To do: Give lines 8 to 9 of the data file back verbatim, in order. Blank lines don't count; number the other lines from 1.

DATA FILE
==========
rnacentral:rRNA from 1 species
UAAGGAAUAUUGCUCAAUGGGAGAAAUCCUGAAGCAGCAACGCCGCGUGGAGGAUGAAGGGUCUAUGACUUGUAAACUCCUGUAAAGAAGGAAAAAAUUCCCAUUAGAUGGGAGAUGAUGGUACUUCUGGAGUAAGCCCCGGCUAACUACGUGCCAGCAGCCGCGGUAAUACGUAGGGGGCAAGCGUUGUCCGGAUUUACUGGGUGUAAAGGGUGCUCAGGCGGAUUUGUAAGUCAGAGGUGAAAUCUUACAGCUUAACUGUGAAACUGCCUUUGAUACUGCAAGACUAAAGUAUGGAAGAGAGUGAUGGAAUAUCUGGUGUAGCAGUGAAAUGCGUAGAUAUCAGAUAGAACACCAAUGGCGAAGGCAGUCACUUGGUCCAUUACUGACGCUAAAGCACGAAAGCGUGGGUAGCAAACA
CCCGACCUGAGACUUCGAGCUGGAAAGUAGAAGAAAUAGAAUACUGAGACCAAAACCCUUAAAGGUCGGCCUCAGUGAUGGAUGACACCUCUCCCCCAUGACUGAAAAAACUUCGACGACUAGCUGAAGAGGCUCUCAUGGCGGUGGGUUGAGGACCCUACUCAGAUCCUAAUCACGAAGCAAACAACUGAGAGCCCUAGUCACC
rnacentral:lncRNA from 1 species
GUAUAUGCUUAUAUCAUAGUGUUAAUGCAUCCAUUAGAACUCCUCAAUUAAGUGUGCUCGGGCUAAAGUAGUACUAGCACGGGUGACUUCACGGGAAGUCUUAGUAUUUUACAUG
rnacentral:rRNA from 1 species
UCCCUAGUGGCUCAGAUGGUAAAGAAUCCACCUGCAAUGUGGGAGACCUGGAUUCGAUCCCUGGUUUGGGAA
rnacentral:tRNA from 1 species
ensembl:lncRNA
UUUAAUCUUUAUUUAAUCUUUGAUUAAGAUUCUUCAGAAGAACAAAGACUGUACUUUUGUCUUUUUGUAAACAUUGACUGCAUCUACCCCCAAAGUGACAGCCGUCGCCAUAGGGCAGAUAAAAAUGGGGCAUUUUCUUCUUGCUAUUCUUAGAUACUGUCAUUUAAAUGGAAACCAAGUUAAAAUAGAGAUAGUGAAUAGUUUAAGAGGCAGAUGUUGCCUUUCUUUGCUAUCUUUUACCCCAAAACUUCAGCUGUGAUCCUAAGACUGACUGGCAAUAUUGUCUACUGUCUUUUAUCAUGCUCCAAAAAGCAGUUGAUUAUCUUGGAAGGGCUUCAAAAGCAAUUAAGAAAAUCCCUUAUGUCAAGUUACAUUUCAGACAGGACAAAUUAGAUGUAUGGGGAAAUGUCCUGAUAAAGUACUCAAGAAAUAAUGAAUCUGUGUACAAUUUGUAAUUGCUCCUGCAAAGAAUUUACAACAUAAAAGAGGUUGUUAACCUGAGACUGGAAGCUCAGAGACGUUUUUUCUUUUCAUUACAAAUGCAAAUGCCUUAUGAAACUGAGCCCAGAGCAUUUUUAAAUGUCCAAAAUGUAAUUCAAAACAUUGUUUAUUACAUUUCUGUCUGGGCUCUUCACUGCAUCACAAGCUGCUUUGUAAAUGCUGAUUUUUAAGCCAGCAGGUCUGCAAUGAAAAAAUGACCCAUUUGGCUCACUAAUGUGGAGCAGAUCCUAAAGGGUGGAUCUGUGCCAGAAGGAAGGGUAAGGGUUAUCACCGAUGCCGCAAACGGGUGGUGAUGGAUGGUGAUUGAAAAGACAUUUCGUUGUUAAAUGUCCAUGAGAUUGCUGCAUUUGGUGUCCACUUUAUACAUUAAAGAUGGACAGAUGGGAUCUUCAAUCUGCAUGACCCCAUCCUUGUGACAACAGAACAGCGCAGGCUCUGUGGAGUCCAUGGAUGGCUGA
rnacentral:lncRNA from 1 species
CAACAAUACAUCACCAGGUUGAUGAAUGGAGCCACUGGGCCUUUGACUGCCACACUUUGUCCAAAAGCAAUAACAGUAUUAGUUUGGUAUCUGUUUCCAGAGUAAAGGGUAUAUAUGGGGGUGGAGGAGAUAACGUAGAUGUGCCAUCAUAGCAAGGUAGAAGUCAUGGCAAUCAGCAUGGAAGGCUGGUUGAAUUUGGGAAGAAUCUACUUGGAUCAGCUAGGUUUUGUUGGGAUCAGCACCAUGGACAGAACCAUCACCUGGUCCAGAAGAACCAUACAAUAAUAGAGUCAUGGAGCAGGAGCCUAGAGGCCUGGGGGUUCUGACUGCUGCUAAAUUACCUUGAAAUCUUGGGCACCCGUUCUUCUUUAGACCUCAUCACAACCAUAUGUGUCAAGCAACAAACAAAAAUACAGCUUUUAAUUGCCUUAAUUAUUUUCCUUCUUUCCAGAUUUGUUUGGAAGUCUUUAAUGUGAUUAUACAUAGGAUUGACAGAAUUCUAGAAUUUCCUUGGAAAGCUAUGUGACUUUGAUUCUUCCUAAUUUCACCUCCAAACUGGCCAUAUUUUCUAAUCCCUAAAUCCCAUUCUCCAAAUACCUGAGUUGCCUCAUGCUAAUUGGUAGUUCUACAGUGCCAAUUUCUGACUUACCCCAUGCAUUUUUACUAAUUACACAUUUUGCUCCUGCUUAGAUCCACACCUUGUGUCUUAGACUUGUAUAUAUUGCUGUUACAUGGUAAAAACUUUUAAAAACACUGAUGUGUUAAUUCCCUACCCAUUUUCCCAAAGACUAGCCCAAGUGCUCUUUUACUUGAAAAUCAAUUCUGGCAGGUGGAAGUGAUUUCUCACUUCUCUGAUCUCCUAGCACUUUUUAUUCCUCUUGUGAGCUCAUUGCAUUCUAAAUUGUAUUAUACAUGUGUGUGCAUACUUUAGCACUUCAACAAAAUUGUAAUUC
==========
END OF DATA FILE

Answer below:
rnacentral:tRNA from 1 species
ensembl:lncRNA